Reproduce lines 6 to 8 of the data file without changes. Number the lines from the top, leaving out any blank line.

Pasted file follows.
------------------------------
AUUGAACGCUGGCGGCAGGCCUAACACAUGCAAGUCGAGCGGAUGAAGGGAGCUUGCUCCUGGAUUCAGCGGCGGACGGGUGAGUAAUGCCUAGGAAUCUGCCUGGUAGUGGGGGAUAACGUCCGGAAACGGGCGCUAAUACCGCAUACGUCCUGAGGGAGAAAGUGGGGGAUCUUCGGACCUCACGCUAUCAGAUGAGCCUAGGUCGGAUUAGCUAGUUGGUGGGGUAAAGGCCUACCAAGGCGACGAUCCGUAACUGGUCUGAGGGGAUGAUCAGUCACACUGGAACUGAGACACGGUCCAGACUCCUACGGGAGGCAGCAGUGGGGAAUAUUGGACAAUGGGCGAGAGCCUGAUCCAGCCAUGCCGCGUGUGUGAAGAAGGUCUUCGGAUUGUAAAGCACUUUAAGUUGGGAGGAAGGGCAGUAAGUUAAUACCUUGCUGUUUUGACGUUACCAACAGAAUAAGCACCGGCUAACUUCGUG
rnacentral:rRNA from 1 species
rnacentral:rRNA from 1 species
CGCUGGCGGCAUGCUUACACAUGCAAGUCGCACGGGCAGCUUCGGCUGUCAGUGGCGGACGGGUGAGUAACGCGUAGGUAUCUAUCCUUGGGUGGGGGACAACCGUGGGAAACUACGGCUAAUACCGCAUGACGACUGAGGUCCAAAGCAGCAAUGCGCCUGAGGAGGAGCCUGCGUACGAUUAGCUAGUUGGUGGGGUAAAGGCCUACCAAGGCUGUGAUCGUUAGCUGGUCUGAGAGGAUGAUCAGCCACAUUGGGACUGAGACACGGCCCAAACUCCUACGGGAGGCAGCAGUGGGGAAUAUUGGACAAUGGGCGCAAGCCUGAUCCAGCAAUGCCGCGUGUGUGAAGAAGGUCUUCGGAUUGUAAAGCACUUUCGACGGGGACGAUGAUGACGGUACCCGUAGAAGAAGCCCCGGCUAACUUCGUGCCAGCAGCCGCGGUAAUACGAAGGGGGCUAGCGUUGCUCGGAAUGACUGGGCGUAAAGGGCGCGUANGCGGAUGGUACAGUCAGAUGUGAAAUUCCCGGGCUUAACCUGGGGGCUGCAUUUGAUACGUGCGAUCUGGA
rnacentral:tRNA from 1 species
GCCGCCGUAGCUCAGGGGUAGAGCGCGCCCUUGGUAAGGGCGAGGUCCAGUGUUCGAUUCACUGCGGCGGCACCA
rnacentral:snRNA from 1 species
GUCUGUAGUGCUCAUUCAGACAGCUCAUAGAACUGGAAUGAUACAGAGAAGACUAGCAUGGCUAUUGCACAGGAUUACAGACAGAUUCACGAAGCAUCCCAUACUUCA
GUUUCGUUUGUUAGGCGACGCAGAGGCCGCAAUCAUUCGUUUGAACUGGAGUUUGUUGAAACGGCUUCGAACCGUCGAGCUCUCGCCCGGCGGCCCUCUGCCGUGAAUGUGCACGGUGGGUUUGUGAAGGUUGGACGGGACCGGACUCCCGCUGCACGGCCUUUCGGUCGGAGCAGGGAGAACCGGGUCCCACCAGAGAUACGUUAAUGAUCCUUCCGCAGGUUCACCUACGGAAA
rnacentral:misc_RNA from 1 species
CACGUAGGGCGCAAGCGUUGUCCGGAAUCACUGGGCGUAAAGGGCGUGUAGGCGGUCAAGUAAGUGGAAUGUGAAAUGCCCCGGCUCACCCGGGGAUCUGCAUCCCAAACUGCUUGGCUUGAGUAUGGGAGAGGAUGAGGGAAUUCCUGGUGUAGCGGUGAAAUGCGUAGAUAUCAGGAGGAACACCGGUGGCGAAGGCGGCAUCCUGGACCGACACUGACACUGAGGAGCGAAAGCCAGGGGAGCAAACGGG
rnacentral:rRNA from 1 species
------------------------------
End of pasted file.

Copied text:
GCCGCCGUAGCUCAGGGGUAGAGCGCGCCCUUGGUAAGGGCGAGGUCCAGUGUUCGAUUCACUGCGGCGGCACCA
rnacentral:snRNA from 1 species
GUCUGUAGUGCUCAUUCAGACAGCUCAUAGAACUGGAAUGAUACAGAGAAGACUAGCAUGGCUAUUGCACAGGAUUACAGACAGAUUCACGAAGCAUCCCAUACUUCA